This short sale business continues to see fraud according to this blog post from Freddie Mac. The Feds have been trying to crack down on mortgage fraud for the past few years. Apparently there are enough skimmers and fraudsters out there who are crazy enough to do these things.
According to Shelley Poland, VP at Freddie Mac, they are noticing the following trends:
- Falsely indicating on a new short sale listing that there is an offer on a property in order to discourage legitimate offers and protect an accomplice’s planned low bid.
- Manipulating the short sale listing price by making the house look more distressed than it really is (“reverse staging”), inflating repair estimates, or using similar tactics designed to obtain an artificially low home value on the Broker Price Opinion. (Our requirements prohibit the buyer, buyer’s agent, buyer’s attorney, or a third-party short sale negotiator to be the contact point for the agents preparing the BPO.)
- “Flipping” schemes where the fraudster “buys” a house at a short sale without putting down any of his own money and then sells it a few hours (or days) later to a legitimate buyer at a much higher price. These are complex multi-step schemes that use falsified title and/or loan documents to fool a lender into approving the ultimate buyer’s mortgage, which the fraudster uses to settle the earlier closing on the house he “acquired” at the short sale for a much lower price.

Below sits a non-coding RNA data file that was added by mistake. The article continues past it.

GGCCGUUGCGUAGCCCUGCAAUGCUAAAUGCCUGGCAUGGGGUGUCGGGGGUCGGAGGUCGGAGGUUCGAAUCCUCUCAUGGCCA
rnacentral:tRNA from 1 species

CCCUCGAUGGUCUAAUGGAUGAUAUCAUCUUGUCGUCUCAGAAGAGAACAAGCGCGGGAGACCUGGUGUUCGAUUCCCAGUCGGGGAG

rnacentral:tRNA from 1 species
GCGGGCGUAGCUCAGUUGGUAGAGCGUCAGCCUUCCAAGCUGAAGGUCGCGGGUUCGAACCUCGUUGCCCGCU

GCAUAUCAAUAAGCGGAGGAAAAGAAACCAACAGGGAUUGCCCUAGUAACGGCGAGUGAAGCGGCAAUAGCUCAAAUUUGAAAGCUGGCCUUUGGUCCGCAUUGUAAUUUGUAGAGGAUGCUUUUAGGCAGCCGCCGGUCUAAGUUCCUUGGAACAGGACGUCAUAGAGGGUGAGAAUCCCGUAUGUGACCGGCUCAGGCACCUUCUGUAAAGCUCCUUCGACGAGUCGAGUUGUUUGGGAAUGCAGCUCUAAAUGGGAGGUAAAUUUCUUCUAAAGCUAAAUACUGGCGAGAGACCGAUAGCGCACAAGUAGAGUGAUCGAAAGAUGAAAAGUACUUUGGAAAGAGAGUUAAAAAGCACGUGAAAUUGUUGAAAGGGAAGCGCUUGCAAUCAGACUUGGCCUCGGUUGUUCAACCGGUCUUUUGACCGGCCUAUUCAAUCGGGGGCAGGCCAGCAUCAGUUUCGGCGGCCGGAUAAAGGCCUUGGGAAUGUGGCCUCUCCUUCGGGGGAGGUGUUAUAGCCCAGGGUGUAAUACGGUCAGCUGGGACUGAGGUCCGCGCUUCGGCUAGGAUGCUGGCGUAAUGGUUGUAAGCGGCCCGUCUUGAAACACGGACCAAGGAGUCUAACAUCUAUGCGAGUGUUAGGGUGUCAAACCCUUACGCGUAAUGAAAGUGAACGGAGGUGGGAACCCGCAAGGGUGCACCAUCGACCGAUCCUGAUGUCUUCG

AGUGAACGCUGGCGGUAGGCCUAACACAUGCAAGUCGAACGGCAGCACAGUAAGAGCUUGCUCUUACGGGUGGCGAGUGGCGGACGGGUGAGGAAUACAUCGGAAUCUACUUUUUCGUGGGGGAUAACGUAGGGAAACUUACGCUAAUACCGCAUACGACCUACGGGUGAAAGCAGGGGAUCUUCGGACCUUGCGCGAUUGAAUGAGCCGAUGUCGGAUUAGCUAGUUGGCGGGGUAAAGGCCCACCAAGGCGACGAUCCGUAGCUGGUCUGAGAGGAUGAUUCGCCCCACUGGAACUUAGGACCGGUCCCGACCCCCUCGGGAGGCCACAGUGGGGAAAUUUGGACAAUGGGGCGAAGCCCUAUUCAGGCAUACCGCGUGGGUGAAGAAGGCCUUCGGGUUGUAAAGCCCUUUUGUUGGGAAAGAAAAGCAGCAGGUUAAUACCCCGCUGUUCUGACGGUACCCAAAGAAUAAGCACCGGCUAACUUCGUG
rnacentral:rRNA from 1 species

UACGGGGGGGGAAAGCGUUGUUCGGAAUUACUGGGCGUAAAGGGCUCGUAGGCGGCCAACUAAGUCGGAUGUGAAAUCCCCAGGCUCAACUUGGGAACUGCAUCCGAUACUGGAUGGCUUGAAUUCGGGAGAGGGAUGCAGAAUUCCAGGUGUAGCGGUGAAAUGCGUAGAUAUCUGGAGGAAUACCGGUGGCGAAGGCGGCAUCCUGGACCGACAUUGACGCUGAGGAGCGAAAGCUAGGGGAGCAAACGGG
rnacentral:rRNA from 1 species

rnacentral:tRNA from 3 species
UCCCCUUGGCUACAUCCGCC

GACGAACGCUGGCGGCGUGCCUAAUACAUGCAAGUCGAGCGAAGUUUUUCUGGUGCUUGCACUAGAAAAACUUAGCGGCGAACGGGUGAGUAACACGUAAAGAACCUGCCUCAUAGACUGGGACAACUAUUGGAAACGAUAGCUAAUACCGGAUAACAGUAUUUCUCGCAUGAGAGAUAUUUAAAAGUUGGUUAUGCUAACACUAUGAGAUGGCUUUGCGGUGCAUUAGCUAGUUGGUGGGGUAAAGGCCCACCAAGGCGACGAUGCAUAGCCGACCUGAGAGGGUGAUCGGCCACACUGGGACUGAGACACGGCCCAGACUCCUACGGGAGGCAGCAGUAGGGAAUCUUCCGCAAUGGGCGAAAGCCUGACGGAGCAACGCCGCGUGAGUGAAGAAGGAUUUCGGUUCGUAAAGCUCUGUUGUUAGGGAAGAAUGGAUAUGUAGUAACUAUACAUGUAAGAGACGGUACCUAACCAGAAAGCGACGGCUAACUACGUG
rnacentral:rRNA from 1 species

- Manipulating the HUD-1 settlement statement so the fraudster can skim away net proceeds from the sale for himself or other parties in the transaction without the seller’s or investor’s knowledge. (The HUD-1 is the document that itemizes all fees, charges, and other funds involved in a home sale.)
In addition, Freddie Mac is requiring that all the parties involved in the transaction sign an affidavit stating that this is an arms length transaction.
Short sales are still a small part of the market, but as they continue to increase, it’s likely that the frequency of fraud is likely to increase unfortunately. I’m glad to see Freddie Mac is on it.
Here’s the latest Twin Cities Short Sales and Foreclosure Report.
- Freddie Mac’s Housing Outlook August 2011 (johnmurphyreports.com)
- The Banks Are Killing the Housing Market with Short Sale Policies (johnmurphyreports.com)
- Fannie Mae and Freddie Mac Own Almost 200000 Foreclosures (axsmithlaw.wordpress.com)
- Short sale fraud plagues the housing market (money.cnn.com)